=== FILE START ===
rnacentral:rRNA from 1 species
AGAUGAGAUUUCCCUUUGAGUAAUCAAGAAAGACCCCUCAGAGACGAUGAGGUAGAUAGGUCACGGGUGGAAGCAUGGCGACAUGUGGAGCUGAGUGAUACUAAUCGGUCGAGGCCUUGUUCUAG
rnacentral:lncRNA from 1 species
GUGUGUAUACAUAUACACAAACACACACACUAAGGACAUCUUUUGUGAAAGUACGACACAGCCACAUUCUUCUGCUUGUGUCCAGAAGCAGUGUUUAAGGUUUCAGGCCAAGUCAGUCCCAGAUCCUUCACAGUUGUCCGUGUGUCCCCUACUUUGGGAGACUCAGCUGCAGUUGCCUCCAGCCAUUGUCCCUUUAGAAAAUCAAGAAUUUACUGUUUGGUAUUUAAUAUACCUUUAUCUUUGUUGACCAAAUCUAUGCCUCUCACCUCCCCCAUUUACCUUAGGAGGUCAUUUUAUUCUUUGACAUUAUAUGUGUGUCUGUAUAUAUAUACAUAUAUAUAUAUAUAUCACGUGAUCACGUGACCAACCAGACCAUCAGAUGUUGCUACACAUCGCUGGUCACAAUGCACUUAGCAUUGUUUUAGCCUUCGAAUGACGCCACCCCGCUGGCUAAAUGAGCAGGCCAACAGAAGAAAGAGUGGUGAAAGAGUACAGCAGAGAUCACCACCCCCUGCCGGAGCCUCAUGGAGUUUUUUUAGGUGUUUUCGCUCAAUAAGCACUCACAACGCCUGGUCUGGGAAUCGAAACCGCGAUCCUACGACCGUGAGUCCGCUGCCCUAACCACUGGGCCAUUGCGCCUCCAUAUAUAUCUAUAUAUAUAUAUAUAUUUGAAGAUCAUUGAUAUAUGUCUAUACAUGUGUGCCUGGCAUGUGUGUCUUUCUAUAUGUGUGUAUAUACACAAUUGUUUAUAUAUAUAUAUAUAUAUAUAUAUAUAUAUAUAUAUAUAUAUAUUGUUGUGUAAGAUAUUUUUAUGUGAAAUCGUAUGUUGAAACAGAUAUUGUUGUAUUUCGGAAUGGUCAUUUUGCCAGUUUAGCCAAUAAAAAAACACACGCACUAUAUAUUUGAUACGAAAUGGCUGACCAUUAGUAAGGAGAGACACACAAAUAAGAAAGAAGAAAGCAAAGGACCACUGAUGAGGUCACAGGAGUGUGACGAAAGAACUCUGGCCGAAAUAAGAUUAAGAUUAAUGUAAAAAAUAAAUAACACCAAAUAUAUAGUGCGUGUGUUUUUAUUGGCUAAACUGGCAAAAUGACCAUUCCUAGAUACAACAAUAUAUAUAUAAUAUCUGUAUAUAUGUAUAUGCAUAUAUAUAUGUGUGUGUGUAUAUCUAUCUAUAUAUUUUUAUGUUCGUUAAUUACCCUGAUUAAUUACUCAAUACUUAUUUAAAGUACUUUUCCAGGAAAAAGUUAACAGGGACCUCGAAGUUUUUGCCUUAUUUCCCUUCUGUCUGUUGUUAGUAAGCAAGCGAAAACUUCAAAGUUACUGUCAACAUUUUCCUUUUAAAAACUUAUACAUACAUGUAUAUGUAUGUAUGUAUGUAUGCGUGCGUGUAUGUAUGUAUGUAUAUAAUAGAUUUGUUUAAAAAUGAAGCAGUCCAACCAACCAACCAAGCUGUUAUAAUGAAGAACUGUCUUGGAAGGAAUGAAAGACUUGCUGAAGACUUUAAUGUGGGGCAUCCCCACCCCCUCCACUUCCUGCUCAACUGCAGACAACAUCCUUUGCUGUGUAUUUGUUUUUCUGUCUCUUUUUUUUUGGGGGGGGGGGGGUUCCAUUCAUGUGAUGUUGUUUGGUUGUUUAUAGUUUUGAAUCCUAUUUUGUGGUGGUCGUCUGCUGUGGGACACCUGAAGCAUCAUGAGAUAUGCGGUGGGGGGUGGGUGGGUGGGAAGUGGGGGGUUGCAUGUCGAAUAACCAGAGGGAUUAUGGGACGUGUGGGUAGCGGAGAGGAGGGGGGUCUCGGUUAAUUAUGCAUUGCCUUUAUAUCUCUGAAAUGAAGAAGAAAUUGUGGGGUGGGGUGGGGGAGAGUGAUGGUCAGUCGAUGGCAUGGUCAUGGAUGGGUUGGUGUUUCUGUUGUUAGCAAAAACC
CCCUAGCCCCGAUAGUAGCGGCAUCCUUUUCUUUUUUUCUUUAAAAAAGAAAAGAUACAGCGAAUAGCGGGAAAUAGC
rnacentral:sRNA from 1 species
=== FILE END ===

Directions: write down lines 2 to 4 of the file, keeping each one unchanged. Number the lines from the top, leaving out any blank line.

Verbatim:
AGAUGAGAUUUCCCUUUGAGUAAUCAAGAAAGACCCCUCAGAGACGAUGAGGUAGAUAGGUCACGGGUGGAAGCAUGGCGACAUGUGGAGCUGAGUGAUACUAAUCGGUCGAGGCCUUGUUCUAG
rnacentral:lncRNA from 1 species
GUGUGUAUACAUAUACACAAACACACACACUAAGGACAUCUUUUGUGAAAGUACGACACAGCCACAUUCUUCUGCUUGUGUCCAGAAGCAGUGUUUAAGGUUUCAGGCCAAGUCAGUCCCAGAUCCUUCACAGUUGUCCGUGUGUCCCCUACUUUGGGAGACUCAGCUGCAGUUGCCUCCAGCCAUUGUCCCUUUAGAAAAUCAAGAAUUUACUGUUUGGUAUUUAAUAUACCUUUAUCUUUGUUGACCAAAUCUAUGCCUCUCACCUCCCCCAUUUACCUUAGGAGGUCAUUUUAUUCUUUGACAUUAUAUGUGUGUCUGUAUAUAUAUACAUAUAUAUAUAUAUAUCACGUGAUCACGUGACCAACCAGACCAUCAGAUGUUGCUACACAUCGCUGGUCACAAUGCACUUAGCAUUGUUUUAGCCUUCGAAUGACGCCACCCCGCUGGCUAAAUGAGCAGGCCAACAGAAGAAAGAGUGGUGAAAGAGUACAGCAGAGAUCACCACCCCCUGCCGGAGCCUCAUGGAGUUUUUUUAGGUGUUUUCGCUCAAUAAGCACUCACAACGCCUGGUCUGGGAAUCGAAACCGCGAUCCUACGACCGUGAGUCCGCUGCCCUAACCACUGGGCCAUUGCGCCUCCAUAUAUAUCUAUAUAUAUAUAUAUAUUUGAAGAUCAUUGAUAUAUGUCUAUACAUGUGUGCCUGGCAUGUGUGUCUUUCUAUAUGUGUGUAUAUACACAAUUGUUUAUAUAUAUAUAUAUAUAUAUAUAUAUAUAUAUAUAUAUAUAUAUUGUUGUGUAAGAUAUUUUUAUGUGAAAUCGUAUGUUGAAACAGAUAUUGUUGUAUUUCGGAAUGGUCAUUUUGCCAGUUUAGCCAAUAAAAAAACACACGCACUAUAUAUUUGAUACGAAAUGGCUGACCAUUAGUAAGGAGAGACACACAAAUAAGAAAGAAGAAAGCAAAGGACCACUGAUGAGGUCACAGGAGUGUGACGAAAGAACUCUGGCCGAAAUAAGAUUAAGAUUAAUGUAAAAAAUAAAUAACACCAAAUAUAUAGUGCGUGUGUUUUUAUUGGCUAAACUGGCAAAAUGACCAUUCCUAGAUACAACAAUAUAUAUAUAAUAUCUGUAUAUAUGUAUAUGCAUAUAUAUAUGUGUGUGUGUAUAUCUAUCUAUAUAUUUUUAUGUUCGUUAAUUACCCUGAUUAAUUACUCAAUACUUAUUUAAAGUACUUUUCCAGGAAAAAGUUAACAGGGACCUCGAAGUUUUUGCCUUAUUUCCCUUCUGUCUGUUGUUAGUAAGCAAGCGAAAACUUCAAAGUUACUGUCAACAUUUUCCUUUUAAAAACUUAUACAUACAUGUAUAUGUAUGUAUGUAUGUAUGCGUGCGUGUAUGUAUGUAUGUAUAUAAUAGAUUUGUUUAAAAAUGAAGCAGUCCAACCAACCAACCAAGCUGUUAUAAUGAAGAACUGUCUUGGAAGGAAUGAAAGACUUGCUGAAGACUUUAAUGUGGGGCAUCCCCACCCCCUCCACUUCCUGCUCAACUGCAGACAACAUCCUUUGCUGUGUAUUUGUUUUUCUGUCUCUUUUUUUUUGGGGGGGGGGGGGUUCCAUUCAUGUGAUGUUGUUUGGUUGUUUAUAGUUUUGAAUCCUAUUUUGUGGUGGUCGUCUGCUGUGGGACACCUGAAGCAUCAUGAGAUAUGCGGUGGGGGGUGGGUGGGUGGGAAGUGGGGGGUUGCAUGUCGAAUAACCAGAGGGAUUAUGGGACGUGUGGGUAGCGGAGAGGAGGGGGGUCUCGGUUAAUUAUGCAUUGCCUUUAUAUCUCUGAAAUGAAGAAGAAAUUGUGGGGUGGGGUGGGGGAGAGUGAUGGUCAGUCGAUGGCAUGGUCAUGGAUGGGUUGGUGUUUCUGUUGUUAGCAAAAACC